You wouldn’t think Japan and central Texas would have much in common. They clearly have very different landscapes. They are almost polar opposites in cooking and culture. And even the best Japanese native speakers must listen very carefully to understand the Texas speech.
A common health condition in both places, however, is an allergy to cedar fever. Known as “kafunso” in Japan and “cedar fever” in Texas, about 10 million people in both locations suffer from tree pollen allergies in the winter and early spring.
Cedar and juniper trees are abundant in both places. Japan planted cedars to reforest the hills burned during the war. The Texans planted “cedars” to replace trees eaten by hordes of goats. Both locations have large areas covered by a single type of fast-growing tree, approximately 12% of the total area of Japan and approximately 12% of the total area of Texas.
The symptoms of tree pollen allergies are compared to a case of non-infectious flu for 6-8 weeks each year. And it is very difficult to work if you have to take antihistamines and nose sprays for so long.
Treat tree pollen allergies with allergy shots
Since the 1960s, Texans have received treatment for tree pollen allergies with allergic desensitization shots. Japanese allergy sufferers will be able to get treatment in 2014, but that’s not necessarily a good thing.
“Allergy shots” have been around since 1910. The idea behind the method is that if the body is exposed to an extremely small amount of the offensive substance by injection, it will not react. Increasingly concentrated injections are administered over a period of months until, hopefully, allergy sufferers no longer have any allergies.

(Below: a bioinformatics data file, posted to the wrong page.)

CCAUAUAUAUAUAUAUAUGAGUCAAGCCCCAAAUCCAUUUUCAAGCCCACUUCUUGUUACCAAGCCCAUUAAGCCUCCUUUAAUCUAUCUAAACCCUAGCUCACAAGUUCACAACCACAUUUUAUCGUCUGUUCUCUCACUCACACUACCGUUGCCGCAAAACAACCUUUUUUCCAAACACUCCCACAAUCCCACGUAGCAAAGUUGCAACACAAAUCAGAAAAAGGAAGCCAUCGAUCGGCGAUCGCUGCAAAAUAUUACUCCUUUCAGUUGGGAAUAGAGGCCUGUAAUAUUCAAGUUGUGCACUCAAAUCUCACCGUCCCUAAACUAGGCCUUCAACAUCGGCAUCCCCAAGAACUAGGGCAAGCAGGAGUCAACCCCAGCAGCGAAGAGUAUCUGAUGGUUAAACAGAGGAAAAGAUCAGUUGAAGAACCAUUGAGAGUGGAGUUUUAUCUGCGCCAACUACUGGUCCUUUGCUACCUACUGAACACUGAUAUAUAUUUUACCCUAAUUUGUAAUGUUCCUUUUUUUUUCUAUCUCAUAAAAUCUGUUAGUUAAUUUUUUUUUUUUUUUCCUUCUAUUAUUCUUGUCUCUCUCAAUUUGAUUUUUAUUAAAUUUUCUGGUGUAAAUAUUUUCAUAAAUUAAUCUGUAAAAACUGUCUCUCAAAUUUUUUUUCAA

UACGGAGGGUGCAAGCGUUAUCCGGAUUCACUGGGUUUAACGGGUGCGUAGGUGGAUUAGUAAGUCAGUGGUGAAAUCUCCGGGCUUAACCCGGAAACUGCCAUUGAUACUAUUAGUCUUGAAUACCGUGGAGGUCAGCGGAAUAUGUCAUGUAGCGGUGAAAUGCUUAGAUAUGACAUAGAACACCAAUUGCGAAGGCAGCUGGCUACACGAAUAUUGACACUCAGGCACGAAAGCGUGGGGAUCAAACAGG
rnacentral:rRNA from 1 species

There is a big disadvantage to this technique. If the “shot” contains too much allergen, potentially fatal anaphylaxis can occur. Texans were given antiallergic serum ampoules and were taught to give themselves injections at home, until too many gun users died of anaphylactic reactions.
Do Allergies Really Work?
Another question about this technique is whether it really works. Identifying exactly the right pollen to produce whey takes a lot of work, so patients usually get a “one mix treats all” serum which the allergist increases contains the right pollen. Maybe it does and maybe not.
The other problem is that allergies can disappear on their own, for no obvious reason, and they can return on their own, even for no obvious reason. You can take a long and expensive course of treatment for an allergy that you should have gone through or without taking shots, and you can also develop a new “point-blank” allergy.
Hits have their limits and drugs have their limits. So what should a pollen sufferer do?
Treatment of allergic rhinitis with massage.
One of the oldest therapies for allergies is acupressure. By applying gentle pressure to predetermined points on the body, acupressure is sometimes explained as interrupting, amplifying, decreasing or redirecting the flow of “chi” life force throughout the body. But you don’t have to understand or accept traditional Chinese medicine for acupressure to work for you.